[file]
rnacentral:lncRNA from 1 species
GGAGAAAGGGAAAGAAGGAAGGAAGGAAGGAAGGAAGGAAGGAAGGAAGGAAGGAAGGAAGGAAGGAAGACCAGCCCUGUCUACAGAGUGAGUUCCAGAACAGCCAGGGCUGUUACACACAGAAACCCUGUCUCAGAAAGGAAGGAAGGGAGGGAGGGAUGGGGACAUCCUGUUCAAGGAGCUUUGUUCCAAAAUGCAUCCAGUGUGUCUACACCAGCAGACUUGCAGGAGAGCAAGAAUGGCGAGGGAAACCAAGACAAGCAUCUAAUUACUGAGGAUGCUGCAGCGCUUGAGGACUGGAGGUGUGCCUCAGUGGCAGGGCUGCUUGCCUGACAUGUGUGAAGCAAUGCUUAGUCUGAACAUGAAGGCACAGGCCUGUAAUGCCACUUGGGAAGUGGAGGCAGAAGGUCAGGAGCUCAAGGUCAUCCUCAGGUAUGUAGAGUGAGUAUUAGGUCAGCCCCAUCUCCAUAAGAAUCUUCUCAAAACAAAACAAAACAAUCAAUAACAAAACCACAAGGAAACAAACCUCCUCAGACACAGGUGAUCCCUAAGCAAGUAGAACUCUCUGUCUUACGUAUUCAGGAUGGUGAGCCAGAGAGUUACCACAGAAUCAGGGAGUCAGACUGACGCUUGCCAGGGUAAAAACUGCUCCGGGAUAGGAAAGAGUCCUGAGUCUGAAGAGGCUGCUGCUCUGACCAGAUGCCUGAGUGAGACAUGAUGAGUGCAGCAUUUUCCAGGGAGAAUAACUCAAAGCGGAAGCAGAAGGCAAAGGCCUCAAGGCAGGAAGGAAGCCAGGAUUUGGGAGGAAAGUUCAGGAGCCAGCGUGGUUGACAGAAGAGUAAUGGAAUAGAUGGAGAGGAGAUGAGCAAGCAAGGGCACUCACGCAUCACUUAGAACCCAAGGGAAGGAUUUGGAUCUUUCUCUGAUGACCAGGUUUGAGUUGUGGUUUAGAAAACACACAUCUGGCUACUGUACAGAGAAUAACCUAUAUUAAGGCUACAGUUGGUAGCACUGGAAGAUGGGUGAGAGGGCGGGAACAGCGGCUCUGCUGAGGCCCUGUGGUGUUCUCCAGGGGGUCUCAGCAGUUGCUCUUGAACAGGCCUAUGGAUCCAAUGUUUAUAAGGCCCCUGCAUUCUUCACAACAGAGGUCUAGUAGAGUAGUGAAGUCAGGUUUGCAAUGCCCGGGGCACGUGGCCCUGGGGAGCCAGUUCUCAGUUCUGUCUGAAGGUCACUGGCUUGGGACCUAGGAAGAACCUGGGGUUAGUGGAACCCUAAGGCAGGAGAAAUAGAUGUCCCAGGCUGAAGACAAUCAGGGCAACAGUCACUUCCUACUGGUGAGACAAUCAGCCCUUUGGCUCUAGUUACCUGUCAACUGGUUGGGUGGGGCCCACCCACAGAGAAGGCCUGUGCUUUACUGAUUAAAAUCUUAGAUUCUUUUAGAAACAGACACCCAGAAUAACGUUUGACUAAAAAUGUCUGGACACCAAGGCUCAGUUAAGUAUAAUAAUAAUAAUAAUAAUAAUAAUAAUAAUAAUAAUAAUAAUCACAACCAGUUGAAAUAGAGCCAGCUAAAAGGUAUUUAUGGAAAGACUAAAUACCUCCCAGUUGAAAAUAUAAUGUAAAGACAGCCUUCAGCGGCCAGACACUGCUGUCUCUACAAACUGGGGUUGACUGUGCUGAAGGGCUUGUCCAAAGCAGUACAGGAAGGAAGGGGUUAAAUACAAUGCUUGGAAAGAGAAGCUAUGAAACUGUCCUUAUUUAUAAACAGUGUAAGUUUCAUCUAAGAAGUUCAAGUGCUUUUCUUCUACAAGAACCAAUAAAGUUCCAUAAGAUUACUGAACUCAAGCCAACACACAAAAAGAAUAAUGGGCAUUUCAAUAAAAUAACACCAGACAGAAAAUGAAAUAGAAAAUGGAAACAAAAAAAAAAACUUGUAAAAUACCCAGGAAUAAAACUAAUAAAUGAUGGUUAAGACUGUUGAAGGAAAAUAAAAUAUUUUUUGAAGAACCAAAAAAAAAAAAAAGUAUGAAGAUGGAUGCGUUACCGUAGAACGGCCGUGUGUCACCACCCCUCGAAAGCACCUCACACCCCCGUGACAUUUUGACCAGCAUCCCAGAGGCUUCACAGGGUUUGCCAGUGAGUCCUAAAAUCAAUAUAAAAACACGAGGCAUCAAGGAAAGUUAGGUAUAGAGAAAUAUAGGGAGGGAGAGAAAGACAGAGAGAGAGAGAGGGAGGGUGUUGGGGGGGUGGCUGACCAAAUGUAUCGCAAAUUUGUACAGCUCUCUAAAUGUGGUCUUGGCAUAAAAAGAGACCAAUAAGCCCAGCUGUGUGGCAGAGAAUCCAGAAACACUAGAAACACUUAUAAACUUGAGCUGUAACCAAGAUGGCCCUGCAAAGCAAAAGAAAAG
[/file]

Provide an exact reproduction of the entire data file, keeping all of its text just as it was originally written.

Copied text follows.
rnacentral:lncRNA from 1 species
GGAGAAAGGGAAAGAAGGAAGGAAGGAAGGAAGGAAGGAAGGAAGGAAGGAAGGAAGGAAGGAAGGAAGACCAGCCCUGUCUACAGAGUGAGUUCCAGAACAGCCAGGGCUGUUACACACAGAAACCCUGUCUCAGAAAGGAAGGAAGGGAGGGAGGGAUGGGGACAUCCUGUUCAAGGAGCUUUGUUCCAAAAUGCAUCCAGUGUGUCUACACCAGCAGACUUGCAGGAGAGCAAGAAUGGCGAGGGAAACCAAGACAAGCAUCUAAUUACUGAGGAUGCUGCAGCGCUUGAGGACUGGAGGUGUGCCUCAGUGGCAGGGCUGCUUGCCUGACAUGUGUGAAGCAAUGCUUAGUCUGAACAUGAAGGCACAGGCCUGUAAUGCCACUUGGGAAGUGGAGGCAGAAGGUCAGGAGCUCAAGGUCAUCCUCAGGUAUGUAGAGUGAGUAUUAGGUCAGCCCCAUCUCCAUAAGAAUCUUCUCAAAACAAAACAAAACAAUCAAUAACAAAACCACAAGGAAACAAACCUCCUCAGACACAGGUGAUCCCUAAGCAAGUAGAACUCUCUGUCUUACGUAUUCAGGAUGGUGAGCCAGAGAGUUACCACAGAAUCAGGGAGUCAGACUGACGCUUGCCAGGGUAAAAACUGCUCCGGGAUAGGAAAGAGUCCUGAGUCUGAAGAGGCUGCUGCUCUGACCAGAUGCCUGAGUGAGACAUGAUGAGUGCAGCAUUUUCCAGGGAGAAUAACUCAAAGCGGAAGCAGAAGGCAAAGGCCUCAAGGCAGGAAGGAAGCCAGGAUUUGGGAGGAAAGUUCAGGAGCCAGCGUGGUUGACAGAAGAGUAAUGGAAUAGAUGGAGAGGAGAUGAGCAAGCAAGGGCACUCACGCAUCACUUAGAACCCAAGGGAAGGAUUUGGAUCUUUCUCUGAUGACCAGGUUUGAGUUGUGGUUUAGAAAACACACAUCUGGCUACUGUACAGAGAAUAACCUAUAUUAAGGCUACAGUUGGUAGCACUGGAAGAUGGGUGAGAGGGCGGGAACAGCGGCUCUGCUGAGGCCCUGUGGUGUUCUCCAGGGGGUCUCAGCAGUUGCUCUUGAACAGGCCUAUGGAUCCAAUGUUUAUAAGGCCCCUGCAUUCUUCACAACAGAGGUCUAGUAGAGUAGUGAAGUCAGGUUUGCAAUGCCCGGGGCACGUGGCCCUGGGGAGCCAGUUCUCAGUUCUGUCUGAAGGUCACUGGCUUGGGACCUAGGAAGAACCUGGGGUUAGUGGAACCCUAAGGCAGGAGAAAUAGAUGUCCCAGGCUGAAGACAAUCAGGGCAACAGUCACUUCCUACUGGUGAGACAAUCAGCCCUUUGGCUCUAGUUACCUGUCAACUGGUUGGGUGGGGCCCACCCACAGAGAAGGCCUGUGCUUUACUGAUUAAAAUCUUAGAUUCUUUUAGAAACAGACACCCAGAAUAACGUUUGACUAAAAAUGUCUGGACACCAAGGCUCAGUUAAGUAUAAUAAUAAUAAUAAUAAUAAUAAUAAUAAUAAUAAUAAUAAUCACAACCAGUUGAAAUAGAGCCAGCUAAAAGGUAUUUAUGGAAAGACUAAAUACCUCCCAGUUGAAAAUAUAAUGUAAAGACAGCCUUCAGCGGCCAGACACUGCUGUCUCUACAAACUGGGGUUGACUGUGCUGAAGGGCUUGUCCAAAGCAGUACAGGAAGGAAGGGGUUAAAUACAAUGCUUGGAAAGAGAAGCUAUGAAACUGUCCUUAUUUAUAAACAGUGUAAGUUUCAUCUAAGAAGUUCAAGUGCUUUUCUUCUACAAGAACCAAUAAAGUUCCAUAAGAUUACUGAACUCAAGCCAACACACAAAAAGAAUAAUGGGCAUUUCAAUAAAAUAACACCAGACAGAAAAUGAAAUAGAAAAUGGAAACAAAAAAAAAAACUUGUAAAAUACCCAGGAAUAAAACUAAUAAAUGAUGGUUAAGACUGUUGAAGGAAAAUAAAAUAUUUUUUGAAGAACCAAAAAAAAAAAAAAGUAUGAAGAUGGAUGCGUUACCGUAGAACGGCCGUGUGUCACCACCCCUCGAAAGCACCUCACACCCCCGUGACAUUUUGACCAGCAUCCCAGAGGCUUCACAGGGUUUGCCAGUGAGUCCUAAAAUCAAUAUAAAAACACGAGGCAUCAAGGAAAGUUAGGUAUAGAGAAAUAUAGGGAGGGAGAGAAAGACAGAGAGAGAGAGAGGGAGGGUGUUGGGGGGGUGGCUGACCAAAUGUAUCGCAAAUUUGUACAGCUCUCUAAAUGUGGUCUUGGCAUAAAAAGAGACCAAUAAGCCCAGCUGUGUGGCAGAGAAUCCAGAAACACUAGAAACACUUAUAAACUUGAGCUGUAACCAAGAUGGCCCUGCAAAGCAAAAGAAAAG